ted horses In the races those ear
lier days, an9 there wera plenty of
races, -not Just the;'how like we
have now at night 'But on the
whole it 1 much the same now-only-
many more horses."
Mrs Byrne attended the horse
show Tuesday night, when a spe
cial stunt during the events was
showing of old, old vehicles. That
pleased her immensely. - ana sne
says while people laughed and
Joked about, the old styles, she
had, ridden in every one of them
and knew that they weren't half
bad to ride In. . - s?- -
. Although Mrs. Byrne ha - nt-
fered with rheumatism the past
few years, she has been" able to
attend .the fair each year on her
day Tuesday. !I certainly en-
Joyed It thia year, only. my poor
old; feet and limbs felt tney nan
been Imposed on," she said.
(Continued on page 2, col 8) 4
. - -
Building Record
Oi Month Beats
V September 1030
v. Building operations. In the eity
last month soared over the Sep
tember, 1830, mark by $12,306,
and took a 85,500 Jump over the
figure for last August The toUl
estimated cost of Jobs tor which
permits were issued in September
by the eity building inspector was
82,,!E ot -which 124,489
was for 11 new construction un
dertakings, and 38182.18 for 55
repair and alteration jobs. ' . Fees
amounting to $112.18 were col
lected by the city for services
entailed In issuing the permits.
During September, 1830,' per
mits totalled $20,365.07 and dur
ing August 1931, $27,182.41.
Washington 'Airmen Ending
Hop From Canada to
California Fields :
Motor Goes Dead; Rescue,
! Efforts Fail as men -i
s -Under too Long
(AP) Two army 'airmen' were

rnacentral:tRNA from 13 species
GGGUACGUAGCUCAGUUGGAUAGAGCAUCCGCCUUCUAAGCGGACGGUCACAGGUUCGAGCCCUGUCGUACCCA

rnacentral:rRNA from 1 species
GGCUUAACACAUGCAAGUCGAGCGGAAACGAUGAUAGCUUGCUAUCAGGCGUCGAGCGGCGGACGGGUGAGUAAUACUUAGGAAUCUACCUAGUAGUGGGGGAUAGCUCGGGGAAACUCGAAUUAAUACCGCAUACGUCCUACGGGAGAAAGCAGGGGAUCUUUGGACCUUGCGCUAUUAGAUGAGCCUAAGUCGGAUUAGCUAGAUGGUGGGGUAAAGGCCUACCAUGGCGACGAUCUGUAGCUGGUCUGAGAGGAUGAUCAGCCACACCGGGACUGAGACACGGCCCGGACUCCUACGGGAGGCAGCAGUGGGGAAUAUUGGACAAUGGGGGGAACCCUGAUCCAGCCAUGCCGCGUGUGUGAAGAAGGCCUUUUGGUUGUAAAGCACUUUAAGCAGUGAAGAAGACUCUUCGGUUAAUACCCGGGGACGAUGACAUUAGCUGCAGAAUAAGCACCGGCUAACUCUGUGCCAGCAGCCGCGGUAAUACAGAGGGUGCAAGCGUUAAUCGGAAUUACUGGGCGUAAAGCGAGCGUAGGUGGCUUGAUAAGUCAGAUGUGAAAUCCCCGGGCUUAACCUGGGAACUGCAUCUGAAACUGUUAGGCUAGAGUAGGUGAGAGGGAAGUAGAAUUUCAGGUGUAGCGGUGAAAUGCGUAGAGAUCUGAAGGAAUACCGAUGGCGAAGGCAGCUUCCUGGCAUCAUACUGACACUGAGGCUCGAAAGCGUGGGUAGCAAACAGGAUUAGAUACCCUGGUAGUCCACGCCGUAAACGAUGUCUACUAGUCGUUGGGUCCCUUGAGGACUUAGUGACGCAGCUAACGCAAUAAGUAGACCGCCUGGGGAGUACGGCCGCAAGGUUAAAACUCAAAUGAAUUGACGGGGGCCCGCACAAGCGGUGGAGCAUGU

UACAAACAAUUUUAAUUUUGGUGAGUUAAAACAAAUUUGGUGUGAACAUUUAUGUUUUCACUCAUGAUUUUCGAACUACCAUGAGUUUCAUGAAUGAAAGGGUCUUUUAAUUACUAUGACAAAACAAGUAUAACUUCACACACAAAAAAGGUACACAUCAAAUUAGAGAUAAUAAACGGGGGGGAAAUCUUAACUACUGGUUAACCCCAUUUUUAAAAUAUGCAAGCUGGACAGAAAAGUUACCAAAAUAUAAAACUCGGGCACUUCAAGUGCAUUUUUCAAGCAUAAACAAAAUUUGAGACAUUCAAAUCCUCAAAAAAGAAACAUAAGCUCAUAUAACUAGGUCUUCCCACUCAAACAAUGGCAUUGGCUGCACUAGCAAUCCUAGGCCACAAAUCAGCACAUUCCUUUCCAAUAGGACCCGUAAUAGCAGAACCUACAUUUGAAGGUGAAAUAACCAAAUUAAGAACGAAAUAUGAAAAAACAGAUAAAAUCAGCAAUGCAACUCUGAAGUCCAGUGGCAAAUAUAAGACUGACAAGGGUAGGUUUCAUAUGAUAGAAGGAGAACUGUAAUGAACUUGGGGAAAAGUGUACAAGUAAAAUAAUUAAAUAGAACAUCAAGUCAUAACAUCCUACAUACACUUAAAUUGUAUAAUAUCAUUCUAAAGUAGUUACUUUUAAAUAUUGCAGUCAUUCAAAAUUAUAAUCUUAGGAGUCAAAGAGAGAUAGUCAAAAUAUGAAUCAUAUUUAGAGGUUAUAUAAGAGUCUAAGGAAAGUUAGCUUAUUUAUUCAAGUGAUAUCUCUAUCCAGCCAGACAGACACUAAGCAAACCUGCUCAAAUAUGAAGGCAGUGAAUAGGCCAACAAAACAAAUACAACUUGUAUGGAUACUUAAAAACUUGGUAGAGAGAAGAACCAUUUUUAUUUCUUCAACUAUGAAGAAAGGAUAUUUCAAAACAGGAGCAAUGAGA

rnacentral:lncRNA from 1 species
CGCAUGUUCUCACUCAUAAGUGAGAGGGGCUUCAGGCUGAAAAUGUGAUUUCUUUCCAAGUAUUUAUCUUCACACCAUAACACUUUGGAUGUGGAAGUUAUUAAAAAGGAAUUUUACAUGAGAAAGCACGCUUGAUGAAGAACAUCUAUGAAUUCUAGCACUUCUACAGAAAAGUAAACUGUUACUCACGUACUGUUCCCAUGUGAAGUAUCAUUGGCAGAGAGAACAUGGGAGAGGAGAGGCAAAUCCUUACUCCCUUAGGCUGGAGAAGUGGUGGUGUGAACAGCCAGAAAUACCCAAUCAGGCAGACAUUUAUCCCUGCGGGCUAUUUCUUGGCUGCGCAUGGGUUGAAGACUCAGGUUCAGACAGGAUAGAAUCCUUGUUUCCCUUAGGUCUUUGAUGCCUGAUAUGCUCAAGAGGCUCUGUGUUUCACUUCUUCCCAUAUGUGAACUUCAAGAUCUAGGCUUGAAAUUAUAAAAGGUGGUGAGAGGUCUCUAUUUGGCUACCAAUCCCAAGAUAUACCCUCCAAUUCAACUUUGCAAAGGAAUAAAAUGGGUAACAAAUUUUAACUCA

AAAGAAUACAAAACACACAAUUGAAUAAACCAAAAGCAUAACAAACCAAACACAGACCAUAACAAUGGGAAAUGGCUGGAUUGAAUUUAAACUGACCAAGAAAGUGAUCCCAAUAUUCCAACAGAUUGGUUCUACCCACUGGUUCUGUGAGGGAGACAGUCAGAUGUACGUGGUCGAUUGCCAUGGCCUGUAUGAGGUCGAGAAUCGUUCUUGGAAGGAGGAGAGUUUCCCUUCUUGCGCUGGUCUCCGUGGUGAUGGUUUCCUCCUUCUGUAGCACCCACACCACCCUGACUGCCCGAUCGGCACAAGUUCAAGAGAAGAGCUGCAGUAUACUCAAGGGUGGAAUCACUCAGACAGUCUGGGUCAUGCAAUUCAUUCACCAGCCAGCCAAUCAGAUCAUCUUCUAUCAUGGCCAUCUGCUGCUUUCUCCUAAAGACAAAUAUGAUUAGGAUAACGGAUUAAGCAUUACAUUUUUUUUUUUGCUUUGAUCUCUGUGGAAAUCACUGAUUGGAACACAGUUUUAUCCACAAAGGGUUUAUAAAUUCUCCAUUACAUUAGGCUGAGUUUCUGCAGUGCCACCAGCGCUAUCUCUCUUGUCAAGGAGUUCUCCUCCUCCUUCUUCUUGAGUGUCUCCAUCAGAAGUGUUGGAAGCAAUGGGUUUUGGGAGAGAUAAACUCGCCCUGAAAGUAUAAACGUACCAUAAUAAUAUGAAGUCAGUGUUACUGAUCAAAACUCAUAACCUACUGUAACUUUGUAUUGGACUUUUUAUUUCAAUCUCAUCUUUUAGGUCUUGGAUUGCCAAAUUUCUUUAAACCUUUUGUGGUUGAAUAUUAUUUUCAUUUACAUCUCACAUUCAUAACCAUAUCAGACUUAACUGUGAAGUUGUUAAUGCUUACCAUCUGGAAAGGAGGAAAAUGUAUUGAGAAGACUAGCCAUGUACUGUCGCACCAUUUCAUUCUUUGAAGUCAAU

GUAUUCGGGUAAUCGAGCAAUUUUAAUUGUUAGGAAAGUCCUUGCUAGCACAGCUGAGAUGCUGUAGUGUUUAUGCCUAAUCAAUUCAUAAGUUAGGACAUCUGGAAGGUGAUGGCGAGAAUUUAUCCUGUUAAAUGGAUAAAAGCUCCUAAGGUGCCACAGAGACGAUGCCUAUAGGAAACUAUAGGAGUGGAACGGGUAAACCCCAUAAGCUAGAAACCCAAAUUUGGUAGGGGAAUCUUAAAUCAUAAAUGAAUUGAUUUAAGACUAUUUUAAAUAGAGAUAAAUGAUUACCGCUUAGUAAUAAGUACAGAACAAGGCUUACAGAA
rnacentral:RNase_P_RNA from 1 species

killed . here tonight " when : their
plane plunged into San Francisco
bay. The were Lieutenant Robert
W. Conyns. Aberdeen, Wash., and
Lieutenant W. H. Elblns, Tacoma,
Stash. . .. :' i '
The officers, stationed regular
ly at March field. Riverside, with
the army air corps reserve, were
completing 1 a - erosscountry: run
which had brought them here
from the Canadian border. ? f
: They took off late tonight from
Crissy field for March field. Per
son at the airport said the mo
tor, suddenly went dead 1 a they
left the field, and the plane plung
ed into the bay halfway between
here and Sausalito. ! i.
The coast . guard station , at
Crissy field immediately sent out
a boat, and located the wreckage
within a shoftime.. Members of
the erew stripped, ' and dove into
the icy water in an efort to rescue
the fliers. ' ' -V.- -H f ! "
The two officers, however, had
been under water too long, "and
both were dead when their bodies
were recovered. They had not even
had ; time to undo " their , safety
belts, members of the coast guard
Kenneth Dahl's Poultry is
First; Elmo Vpth's
Capture Second :
.-;:. h-pr
.Marion county won one first
and Polk county made! several
placements in the poultry awards
in 4-H club work, announced yes
terday. Kenneth Dahl, I promin
ent club member, took first on his
leghorns, and .'in the same Tdlvi-
slon, Elmo Voth, Polk 1 county.
placed second and : Harlan "! Loe,
Marlon county.' placed eighth.
Lester Voth. Polk, took third. In
Plymouth Rocks, Paul VilUvock.
Polk, took second and Carl j May.
also Polk, thlrt. In other large